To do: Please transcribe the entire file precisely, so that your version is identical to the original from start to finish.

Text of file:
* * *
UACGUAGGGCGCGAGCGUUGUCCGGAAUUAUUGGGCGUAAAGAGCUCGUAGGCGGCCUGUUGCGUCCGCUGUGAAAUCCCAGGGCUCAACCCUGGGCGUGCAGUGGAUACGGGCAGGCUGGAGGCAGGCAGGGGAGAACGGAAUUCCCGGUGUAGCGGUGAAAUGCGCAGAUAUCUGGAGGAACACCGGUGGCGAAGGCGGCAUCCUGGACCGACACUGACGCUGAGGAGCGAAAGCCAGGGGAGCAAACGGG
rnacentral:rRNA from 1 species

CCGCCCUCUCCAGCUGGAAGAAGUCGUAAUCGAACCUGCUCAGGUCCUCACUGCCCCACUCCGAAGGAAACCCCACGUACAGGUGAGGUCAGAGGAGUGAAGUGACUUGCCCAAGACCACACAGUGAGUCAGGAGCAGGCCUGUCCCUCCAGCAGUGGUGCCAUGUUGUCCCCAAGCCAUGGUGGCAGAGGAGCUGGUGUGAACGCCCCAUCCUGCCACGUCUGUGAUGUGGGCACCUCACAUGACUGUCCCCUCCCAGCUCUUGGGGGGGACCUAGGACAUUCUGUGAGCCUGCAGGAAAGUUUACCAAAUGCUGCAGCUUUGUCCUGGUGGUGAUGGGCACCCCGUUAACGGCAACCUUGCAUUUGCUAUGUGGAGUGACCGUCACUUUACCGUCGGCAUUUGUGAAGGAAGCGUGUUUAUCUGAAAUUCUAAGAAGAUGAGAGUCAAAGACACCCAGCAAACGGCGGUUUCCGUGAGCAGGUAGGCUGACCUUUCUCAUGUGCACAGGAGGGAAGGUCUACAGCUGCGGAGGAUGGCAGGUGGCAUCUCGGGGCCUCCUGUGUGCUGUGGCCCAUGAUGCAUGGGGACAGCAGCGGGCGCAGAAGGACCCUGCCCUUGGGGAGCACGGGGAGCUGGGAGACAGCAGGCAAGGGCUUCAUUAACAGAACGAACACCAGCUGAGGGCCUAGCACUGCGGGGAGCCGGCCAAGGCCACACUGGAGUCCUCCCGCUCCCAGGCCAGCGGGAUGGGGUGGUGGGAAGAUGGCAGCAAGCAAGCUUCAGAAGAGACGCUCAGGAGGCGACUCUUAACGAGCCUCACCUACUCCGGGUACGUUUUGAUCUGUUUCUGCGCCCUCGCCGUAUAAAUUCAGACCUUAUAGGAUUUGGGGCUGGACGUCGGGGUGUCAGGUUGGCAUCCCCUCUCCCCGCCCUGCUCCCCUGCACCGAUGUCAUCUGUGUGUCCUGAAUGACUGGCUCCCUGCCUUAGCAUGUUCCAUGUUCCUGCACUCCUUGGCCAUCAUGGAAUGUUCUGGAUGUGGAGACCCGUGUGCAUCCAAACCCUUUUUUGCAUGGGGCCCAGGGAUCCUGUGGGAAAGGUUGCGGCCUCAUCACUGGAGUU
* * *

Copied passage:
UACGUAGGGCGCGAGCGUUGUCCGGAAUUAUUGGGCGUAAAGAGCUCGUAGGCGGCCUGUUGCGUCCGCUGUGAAAUCCCAGGGCUCAACCCUGGGCGUGCAGUGGAUACGGGCAGGCUGGAGGCAGGCAGGGGAGAACGGAAUUCCCGGUGUAGCGGUGAAAUGCGCAGAUAUCUGGAGGAACACCGGUGGCGAAGGCGGCAUCCUGGACCGACACUGACGCUGAGGAGCGAAAGCCAGGGGAGCAAACGGG
rnacentral:rRNA from 1 species

CCGCCCUCUCCAGCUGGAAGAAGUCGUAAUCGAACCUGCUCAGGUCCUCACUGCCCCACUCCGAAGGAAACCCCACGUACAGGUGAGGUCAGAGGAGUGAAGUGACUUGCCCAAGACCACACAGUGAGUCAGGAGCAGGCCUGUCCCUCCAGCAGUGGUGCCAUGUUGUCCCCAAGCCAUGGUGGCAGAGGAGCUGGUGUGAACGCCCCAUCCUGCCACGUCUGUGAUGUGGGCACCUCACAUGACUGUCCCCUCCCAGCUCUUGGGGGGGACCUAGGACAUUCUGUGAGCCUGCAGGAAAGUUUACCAAAUGCUGCAGCUUUGUCCUGGUGGUGAUGGGCACCCCGUUAACGGCAACCUUGCAUUUGCUAUGUGGAGUGACCGUCACUUUACCGUCGGCAUUUGUGAAGGAAGCGUGUUUAUCUGAAAUUCUAAGAAGAUGAGAGUCAAAGACACCCAGCAAACGGCGGUUUCCGUGAGCAGGUAGGCUGACCUUUCUCAUGUGCACAGGAGGGAAGGUCUACAGCUGCGGAGGAUGGCAGGUGGCAUCUCGGGGCCUCCUGUGUGCUGUGGCCCAUGAUGCAUGGGGACAGCAGCGGGCGCAGAAGGACCCUGCCCUUGGGGAGCACGGGGAGCUGGGAGACAGCAGGCAAGGGCUUCAUUAACAGAACGAACACCAGCUGAGGGCCUAGCACUGCGGGGAGCCGGCCAAGGCCACACUGGAGUCCUCCCGCUCCCAGGCCAGCGGGAUGGGGUGGUGGGAAGAUGGCAGCAAGCAAGCUUCAGAAGAGACGCUCAGGAGGCGACUCUUAACGAGCCUCACCUACUCCGGGUACGUUUUGAUCUGUUUCUGCGCCCUCGCCGUAUAAAUUCAGACCUUAUAGGAUUUGGGGCUGGACGUCGGGGUGUCAGGUUGGCAUCCCCUCUCCCCGCCCUGCUCCCCUGCACCGAUGUCAUCUGUGUGUCCUGAAUGACUGGCUCCCUGCCUUAGCAUGUUCCAUGUUCCUGCACUCCUUGGCCAUCAUGGAAUGUUCUGGAUGUGGAGACCCGUGUGCAUCCAAACCCUUUUUUGCAUGGGGCCCAGGGAUCCUGUGGGAAAGGUUGCGGCCUCAUCACUGGAGUU